Summary: The cerebral venous system is an unusual site of thrombosis, with a particularly high incidence in young adults. This incidence has increased in past decades because of the improvement of neuroradiological techniques. Risk factors for cerebral venous sinus thrombosis overlap with those of other venous thromboembolism sites; however, some are specific for this particular anatomical district. Prognosis is favorable in most cases if diagnosis is made rapidly and treatment is promptly initiated, even if acute complications or chronic invalidity still occur in a quarter of patients. The mainstay of treatment is anticoagulation, which is necessary in order to block clot propagation and obtain recanalization. Intracranial bleeding does not contraindicate anticoagulation. Endovascular procedures are reserved for patients with a particularly severe presentation or rapidly declining neurological symptoms despite appropriate anticoagulation, although data from clinical trials are lacking. Specifically, this review addresses the epidemiology, clinical presentation and course, risk factors, and treatment of cerebral venous sinus thrombosis, with a special focus on the pediatric population.

Cerebral venous sinus thrombosis / M. Capecchi, M. Abbattista, I. Martinelli. - In: JOURNAL OF THROMBOSIS AND HAEMOSTASIS. - ISSN 1538-7933. - 16:10(2018 Oct), pp. 1918-1931. [10.1111/jth.14210]

Cerebral venous sinus thrombosis

M. Capecchi
Primo
;
M. Abbattista
Secondo
;
2018

Abstract

Summary: The cerebral venous system is an unusual site of thrombosis, with a particularly high incidence in young adults. This incidence has increased in past decades because of the improvement of neuroradiological techniques. Risk factors for cerebral venous sinus thrombosis overlap with those of other venous thromboembolism sites; however, some are specific for this particular anatomical district. Prognosis is favorable in most cases if diagnosis is made rapidly and treatment is promptly initiated, even if acute complications or chronic invalidity still occur in a quarter of patients. The mainstay of treatment is anticoagulation, which is necessary in order to block clot propagation and obtain recanalization. Intracranial bleeding does not contraindicate anticoagulation. Endovascular procedures are reserved for patients with a particularly severe presentation or rapidly declining neurological symptoms despite appropriate anticoagulation, although data from clinical trials are lacking. Specifically, this review addresses the epidemiology, clinical presentation and course, risk factors, and treatment of cerebral venous sinus thrombosis, with a special focus on the pediatric population.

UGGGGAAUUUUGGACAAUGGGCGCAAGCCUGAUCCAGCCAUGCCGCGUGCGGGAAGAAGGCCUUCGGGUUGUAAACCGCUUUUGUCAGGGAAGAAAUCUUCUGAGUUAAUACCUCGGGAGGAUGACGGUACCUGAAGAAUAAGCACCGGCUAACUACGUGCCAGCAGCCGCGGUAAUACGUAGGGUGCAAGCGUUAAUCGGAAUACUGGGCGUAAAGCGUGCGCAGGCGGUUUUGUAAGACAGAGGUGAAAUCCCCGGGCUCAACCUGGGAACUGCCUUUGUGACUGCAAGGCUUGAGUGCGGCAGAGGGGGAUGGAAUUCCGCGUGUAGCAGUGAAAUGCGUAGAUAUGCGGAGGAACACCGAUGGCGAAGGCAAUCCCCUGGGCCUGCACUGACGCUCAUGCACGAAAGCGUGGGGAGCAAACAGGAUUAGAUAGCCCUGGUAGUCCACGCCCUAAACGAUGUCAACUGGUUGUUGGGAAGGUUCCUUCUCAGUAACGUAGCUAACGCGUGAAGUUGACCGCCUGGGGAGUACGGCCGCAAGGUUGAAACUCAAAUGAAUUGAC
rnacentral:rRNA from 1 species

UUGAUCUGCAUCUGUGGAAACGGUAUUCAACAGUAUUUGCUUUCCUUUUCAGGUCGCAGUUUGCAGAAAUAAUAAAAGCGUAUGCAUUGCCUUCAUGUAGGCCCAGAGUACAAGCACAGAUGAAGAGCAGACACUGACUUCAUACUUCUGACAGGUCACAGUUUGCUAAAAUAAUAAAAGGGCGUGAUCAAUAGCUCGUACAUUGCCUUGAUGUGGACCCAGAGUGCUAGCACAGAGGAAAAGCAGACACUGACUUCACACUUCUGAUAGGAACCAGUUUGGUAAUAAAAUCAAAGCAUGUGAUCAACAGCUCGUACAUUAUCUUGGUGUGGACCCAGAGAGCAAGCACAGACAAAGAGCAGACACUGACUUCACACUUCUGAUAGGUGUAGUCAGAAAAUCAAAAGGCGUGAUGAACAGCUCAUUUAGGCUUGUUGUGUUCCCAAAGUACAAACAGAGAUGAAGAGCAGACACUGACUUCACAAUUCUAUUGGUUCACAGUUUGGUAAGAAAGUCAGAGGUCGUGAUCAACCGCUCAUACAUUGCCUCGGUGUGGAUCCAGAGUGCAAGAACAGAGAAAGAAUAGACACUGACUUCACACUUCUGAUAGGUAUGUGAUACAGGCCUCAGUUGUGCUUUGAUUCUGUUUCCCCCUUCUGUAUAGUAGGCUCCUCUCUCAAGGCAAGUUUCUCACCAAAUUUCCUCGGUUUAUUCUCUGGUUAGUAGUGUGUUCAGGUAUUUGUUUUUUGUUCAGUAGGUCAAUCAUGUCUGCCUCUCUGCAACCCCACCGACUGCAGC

anticoagulants; cerebral hemorrhage; intracranial thrombosis; low-molecular-weight heparin; sinus thrombosis; venous thromboembolism; Adult; Age Factors; Animals; Anticoagulants; Blood Coagulation; Child; Child, Preschool; Female; Humans; Infant; Infant, Newborn; Male; Risk Factors; Sinus Thrombosis, Intracranial; Treatment Outcome; Endovascular Procedures
Settore MED/09 - Medicina Interna
ott-2018
Article (author)
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Utilizza questo identificativo per citare o creare un link a questo documento: https://hdl.handle.net/2434/812817
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